Bitterness in the Cameron Highlands: When Backpacking Feels Like Life Failure

BOH tea plantation in the Cameron Highlands, Malaysia
The beautiful Cameron Highlands, looking deceptively non-damp.
I knew that it would come to this: travel burnout, cynicism, general despair. But maybe not 2.5 months into our trip, 1.5 months into the Asia portion.

Still, you don't choose your low times. For my boyfriend Miguel and I, it came during three days in the Cameron Highlands, a mountainous area 1500 metres above sea level in central Malaysia. I was really excited to go. 

We'd just finished a Workaway volunteer project and were looking forward to having our own space and a few days to be tourists. The Brits turned the land into a holiday place and producer of tea, strawberries and other non-Malaysian type crops. How could I not love a place where I could let out my inner Englishwoman? I envisaged myself having elegant high teas with crumbly scones, touring tea plantations, reading by flashlight in our jungle bungalow and enjoying slow walks on the local trails.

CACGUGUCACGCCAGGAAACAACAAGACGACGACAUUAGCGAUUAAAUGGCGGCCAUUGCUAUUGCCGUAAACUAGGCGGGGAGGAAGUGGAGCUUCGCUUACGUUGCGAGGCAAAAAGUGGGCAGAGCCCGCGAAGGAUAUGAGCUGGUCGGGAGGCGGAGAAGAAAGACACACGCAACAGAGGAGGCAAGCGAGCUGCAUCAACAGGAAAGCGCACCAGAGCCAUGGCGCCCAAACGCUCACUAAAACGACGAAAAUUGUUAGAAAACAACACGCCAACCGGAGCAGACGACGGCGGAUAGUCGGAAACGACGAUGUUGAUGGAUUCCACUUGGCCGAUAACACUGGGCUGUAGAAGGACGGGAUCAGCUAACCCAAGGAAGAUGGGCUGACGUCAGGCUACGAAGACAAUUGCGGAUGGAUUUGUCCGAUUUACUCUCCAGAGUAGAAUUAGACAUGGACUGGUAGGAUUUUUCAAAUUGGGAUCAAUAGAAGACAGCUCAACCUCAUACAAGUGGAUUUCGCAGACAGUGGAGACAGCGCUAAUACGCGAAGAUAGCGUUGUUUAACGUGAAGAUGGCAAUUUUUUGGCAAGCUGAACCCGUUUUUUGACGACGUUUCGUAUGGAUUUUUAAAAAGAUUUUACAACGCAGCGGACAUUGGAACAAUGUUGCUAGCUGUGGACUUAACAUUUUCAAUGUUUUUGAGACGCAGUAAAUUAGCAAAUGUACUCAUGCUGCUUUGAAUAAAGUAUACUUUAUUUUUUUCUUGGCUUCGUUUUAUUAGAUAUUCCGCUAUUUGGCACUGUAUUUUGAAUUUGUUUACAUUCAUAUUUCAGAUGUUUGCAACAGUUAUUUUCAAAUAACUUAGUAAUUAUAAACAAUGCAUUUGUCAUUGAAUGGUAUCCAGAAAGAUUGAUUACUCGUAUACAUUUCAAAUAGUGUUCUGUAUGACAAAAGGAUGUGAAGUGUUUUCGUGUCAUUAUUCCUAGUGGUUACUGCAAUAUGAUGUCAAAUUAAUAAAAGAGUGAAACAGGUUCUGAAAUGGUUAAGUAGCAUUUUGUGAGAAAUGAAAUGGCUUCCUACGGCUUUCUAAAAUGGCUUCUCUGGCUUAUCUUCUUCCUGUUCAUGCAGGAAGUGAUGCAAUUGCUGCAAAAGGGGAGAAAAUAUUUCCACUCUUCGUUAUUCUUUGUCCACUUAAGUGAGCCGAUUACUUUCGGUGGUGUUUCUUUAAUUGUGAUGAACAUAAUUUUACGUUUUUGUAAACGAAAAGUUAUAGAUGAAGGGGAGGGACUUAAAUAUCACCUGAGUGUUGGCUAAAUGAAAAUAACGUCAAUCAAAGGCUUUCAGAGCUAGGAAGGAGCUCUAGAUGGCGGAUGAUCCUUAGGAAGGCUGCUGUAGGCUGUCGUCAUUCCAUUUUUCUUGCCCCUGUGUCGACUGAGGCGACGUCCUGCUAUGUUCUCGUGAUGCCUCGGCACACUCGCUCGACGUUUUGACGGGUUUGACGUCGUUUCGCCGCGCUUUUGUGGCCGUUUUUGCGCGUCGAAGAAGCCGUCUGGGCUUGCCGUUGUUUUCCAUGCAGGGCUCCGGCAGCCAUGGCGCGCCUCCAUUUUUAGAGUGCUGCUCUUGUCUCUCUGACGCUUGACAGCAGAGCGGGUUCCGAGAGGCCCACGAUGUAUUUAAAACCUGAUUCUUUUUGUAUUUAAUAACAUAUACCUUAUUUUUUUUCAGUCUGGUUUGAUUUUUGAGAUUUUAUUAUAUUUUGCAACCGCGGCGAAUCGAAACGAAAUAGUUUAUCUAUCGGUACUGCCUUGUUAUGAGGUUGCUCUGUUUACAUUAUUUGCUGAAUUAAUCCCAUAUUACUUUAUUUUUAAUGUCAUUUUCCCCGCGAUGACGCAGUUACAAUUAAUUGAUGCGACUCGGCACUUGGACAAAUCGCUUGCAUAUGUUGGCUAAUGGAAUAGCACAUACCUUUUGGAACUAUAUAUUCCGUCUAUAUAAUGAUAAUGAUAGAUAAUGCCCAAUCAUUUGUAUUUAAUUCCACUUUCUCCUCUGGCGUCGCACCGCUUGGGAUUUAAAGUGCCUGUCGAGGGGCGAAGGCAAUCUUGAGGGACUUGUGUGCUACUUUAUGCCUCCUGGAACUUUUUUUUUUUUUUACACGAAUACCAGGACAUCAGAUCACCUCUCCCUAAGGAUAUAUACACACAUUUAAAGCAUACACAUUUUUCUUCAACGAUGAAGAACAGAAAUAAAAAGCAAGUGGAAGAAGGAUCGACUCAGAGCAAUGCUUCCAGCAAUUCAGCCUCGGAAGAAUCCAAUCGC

Instead, it rained for a good part of the three days we were there and poor Miguel came down with an infection on his knee. Meaning, we weren't going no where. Fine, but relaxing is awfully difficult when your 'rustic' bungalow smells like a a culturing ground for mold, a dainty crop of mushrooms are establishing themselves in your bathroom and everything is so doggone damp that touching any surface is like chillaxing on under-dried clothes.

Awful. Awful awful awful. I quickly came to HATE this place of never-ending rain, damp and chill. Note to self, do not visit England. Ever! Miguel and I grumpily sequestered ourselves in Starbucks which was the only place in 50 km that felt dry and warm.

Scones and tea at the Cameron Highlands, Malaysia
Eating all my feelings.
Still, like all aversions there was a lot more going on under the surface than just bodily discomfort. I spent seven days at a silent meditation retreat where I slept on a board, took showers from a bucket, and didn't eat after noon. I was fine.